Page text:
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Design Under Sky discusses landscape architecture, the utilitarian but leaning towards the conceptual, thinking on modern occurrences and peripheral boundaries.  

DUS is the blog and personal design studio of Adam E. Anderson, a designer based out of the East Coast, currently a Critic at the Rhode Island School of Design, and a designer at Landworks Studio.

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Entries in virtual gaming (1)

Thursday
Feb252010

Ludic Guerrilla Gardening Drone Warfare

{The weapon of future Landscape Architects, seed bombs deployed by man-operated drone}

Amidst two seemingly unrelated activities of gaming and guerilla gardening comes a new video game titled Seeds of Revolution (found via @eatingbark). The games allow you to virtually green empty spaces in the urban realm while avoiding restrictive authorities, without the real-life fear of detection and municipal punishment.

This is a cute game and at the very least provides attention to guerrilla gardening efforts, but with recent advancements in augmented reality and virtual gaming, I can't help but imagine that a new style of drone based urban landscape replenishment isn't a far off possibility.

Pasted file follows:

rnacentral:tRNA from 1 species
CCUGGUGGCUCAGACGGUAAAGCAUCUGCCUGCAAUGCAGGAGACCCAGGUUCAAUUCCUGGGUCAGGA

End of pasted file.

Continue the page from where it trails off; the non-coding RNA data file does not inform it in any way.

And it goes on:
{Future Landscape Architects at Battle Command. On yet another urban sortie on abandoned space.}

Take the recent Parrot AR.Drone, an iphone controlled machine, equiped with cameras allowing you to interact with other players. We had mentioned previously that this might replace sight visits, sending the drone instead to record information. But what if we were able to equip this drone with seed bombing capabilities? At your base of operations equiped with real-time city maps of abandoned spaces, which were created by research such as the Local Codes project. You send out the drone in an all out attack on city dead zones.

The Landscape Architect becomes a virtual Urban Commando, environmentally "tagging" their territory, the designer's identity unknown until their calling card is revealed through their signature plant growth. Competition ensues between architects battling for bragging rights to the most planted areas.

A new actual game of similar spatial combatancy is Greed Corp. A game described as:

finding the delicate balance between harvesting the land for resources and preserving it to stay alive. Will you defend your territory or sacrifice it to keep it out of enemy hands? Manage the finite available resources to build your army and use the collapsing terrain to your advantage. Destroy your enemies, or destroy the very land they stand on, before they do it to you.

{The drone in action, target acquired, ready to fire.}

This interaction of mapping and potential robotic deployment reveals possible scenerios for future practice of urban design and landscape. The idea is an evolvement of games like The SIMs, adding the excitement of real results and the danger of bypassing city codes.